Gastroduodenal = has three branches. Are you SRS??? Yes I am SRS!!! Superiopancreatoduodenal ~ Right Gastro-omental ~ Supraduodenal
*the common hepatic’s anatomy can also vary.
Ok, not too bad yet right? That was the toughest one. The rest are a breeze!
The Splenic Artery has four branches. For this one, Some People Like Sayings, but I dont.
Splenic branches = supply the spleen itself.
Pancreatic branches = multiple branches serving the pancreas.
Left Gastro-omental= supplies the middle of the greater curvature of the stomach.
Short Gastric = supplies the superior portion of the greater curvature of the stomach.
*splenic artery aneurysm.
And last but not least, the Left Gastric Artery which is Easy as Heck with it’s Esophageal branch and Hepatic branch.
Now that you are all studied up go in there and assist with confidence! Oh and don’t nick the aorta!
Only until after finding Jesse Desjardins blog did I realize how weak my resume was. This guy is a marketing and social networking genius who is also an e-philanthropist, sharing all of his work for free.
When I was growing up, there were things that were synonymous with “geekdom”. Pocket protectors, knowledge of computers, obsessions with certain cartoons, books, etc. During the later half the 00’s and now into the 10’s, the social irony of “hipsterdom” has all but annulled these prerequisites to be a geek. The guy in your class who was obsessed with computers and spent his weekends playing video games in high school is now a successful social networking entrepreneur, with a pretty wife to boot.
The straight lines that have separated the social classes in the high school world are becoming blurry and the days of the jocks and nerds are over. Determination, intelligence, charisma and skill are the keys to one’s success and with the social barriers coming down, geeks are as confident as ever to let their “freak flag” fly.
So tomorrow when you go into work, take a look at your superiors and imagine where they fell on the social spectrum in their teenage years.
Congratulations Mark Zuckerberg on being named Time Magazine’s “Man of the Year”.
I made this diagram today explaining the BMP/CBC “Fishbone” diagram. This is a short-hand way of writing essential labs for a patient. It can often confuse those who are not familiar with it so I made a diagram explaining each of the abbreviations and their respective values.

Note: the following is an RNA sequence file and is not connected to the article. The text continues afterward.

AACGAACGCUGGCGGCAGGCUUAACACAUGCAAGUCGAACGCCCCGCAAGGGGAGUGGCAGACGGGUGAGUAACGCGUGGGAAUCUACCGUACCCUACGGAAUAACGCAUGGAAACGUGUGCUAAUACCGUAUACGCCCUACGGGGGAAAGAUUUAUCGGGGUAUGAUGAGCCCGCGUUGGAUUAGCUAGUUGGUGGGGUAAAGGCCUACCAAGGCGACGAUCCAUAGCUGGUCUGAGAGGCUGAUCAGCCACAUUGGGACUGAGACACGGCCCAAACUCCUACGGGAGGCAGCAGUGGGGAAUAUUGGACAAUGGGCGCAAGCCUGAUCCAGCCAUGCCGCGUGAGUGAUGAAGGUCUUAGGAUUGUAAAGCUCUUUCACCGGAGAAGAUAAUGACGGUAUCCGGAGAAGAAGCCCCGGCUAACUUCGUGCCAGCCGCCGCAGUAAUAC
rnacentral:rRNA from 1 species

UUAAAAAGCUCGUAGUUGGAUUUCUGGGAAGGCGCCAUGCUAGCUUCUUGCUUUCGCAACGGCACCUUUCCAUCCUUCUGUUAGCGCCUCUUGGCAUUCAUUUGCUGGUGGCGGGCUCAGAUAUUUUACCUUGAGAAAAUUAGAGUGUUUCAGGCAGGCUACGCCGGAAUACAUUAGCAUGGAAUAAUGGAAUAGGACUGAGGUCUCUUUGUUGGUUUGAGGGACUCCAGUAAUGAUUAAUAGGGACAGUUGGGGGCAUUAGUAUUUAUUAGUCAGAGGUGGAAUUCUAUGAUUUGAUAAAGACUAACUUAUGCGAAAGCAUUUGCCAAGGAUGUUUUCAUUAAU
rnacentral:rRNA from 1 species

Feel free to use and share!
It was also designed to fit perfectly as an iPhone “lock screen” wallpaper.
This can also be found under the “links” tab at the top of the page.
Transplant Surgery has become a recent interest of mine. One good thing about my current location is that the medical center offers many different types of transplantation surgery. If you are interested in transplant surgery, here is a list of approved transplant centers in the United States and their specific distinctions.
Oh, and you never know when having a spare pair of gloves will come in handy! This weekend I witnessed a car vs. motorcycle accident and went to help the gentlemen who was in the crash. He suffered some cuts and what looked like a broken ankle but was lucky. Make sure to always wear a helmet!
My first rotation is finished. It consisted mainly of Orthopedics, Plastics, General, and some ENT. I start a new one on Monday and hope to get some more Vascular and Neuro. There is still a lot I have to learn but I am getting more confident with each case. Humility, hard work, and showing an interest are the most important things for setting up opportunities for you to learn. You get what you put in.
Here were my Top 25 cases for rotation #1 (email for the name of the location).
This week was dominated by total knee/hip arthroplasties and arthroscopies! I also did some GYN, which I did not expect to enjoy so much. Great anatomy and very hands-on! They let the students do a lot of hands on stuff (dissection, clipping, suturing, etc.). All in all, a good week.